Courtesy of the ‘Oakland History’ group page on Facebook.

Little has been heard of Pat McCormick since 1995, when he retired to a five-acre wooded property in Gold Beach, Oregon with his wife Flora. In 2015, he re-emerged briefly when the San Francisco Chronicle falsely reported his death. McCormick immediately called KTVU to explain he was alive and well; he and his wife had faked his death as part of an ongoing feud with their son, Steve. Thoroughly convinced his father was dead, Steve he sent word to the Chronicle, which dutifully reported it.

“I want to emphasize, I recognize the absolute stupidity of [the incident],” McCormick told KTVU. “Whether [Steve] had exposed me or not, that was a dumb piece of business on my part. So what I managed to do is chalk it up to old age.”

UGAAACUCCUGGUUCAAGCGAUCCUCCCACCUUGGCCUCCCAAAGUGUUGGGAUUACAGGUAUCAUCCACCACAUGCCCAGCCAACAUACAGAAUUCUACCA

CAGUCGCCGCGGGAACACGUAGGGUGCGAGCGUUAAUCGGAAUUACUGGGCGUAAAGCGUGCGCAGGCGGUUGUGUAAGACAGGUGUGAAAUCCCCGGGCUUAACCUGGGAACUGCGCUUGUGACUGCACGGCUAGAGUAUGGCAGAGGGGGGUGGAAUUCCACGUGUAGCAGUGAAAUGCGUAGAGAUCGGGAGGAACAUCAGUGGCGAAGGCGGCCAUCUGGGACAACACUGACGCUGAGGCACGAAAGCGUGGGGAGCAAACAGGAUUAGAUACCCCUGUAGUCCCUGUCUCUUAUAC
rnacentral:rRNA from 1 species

Tom Hanks, who grew up watching Charley and Humphrey, was so relieved to find out McCormick was still alive he gave him a call. According to Wikipedia, McCormick is now approximately 88 years old.

Though McCormick has said in interviews he left his characters behind because he was “all TV-ed out,” he also admitted to SF Gate in 2008 that he missed Charley and Humphrey just as much as the public does. Perhaps even more so.


“All the other things I did on television were just jobs,” he said. “It was my work. By contrast, Charley and Humphrey were my passion. They were me. I miss working with them more than I can describe.”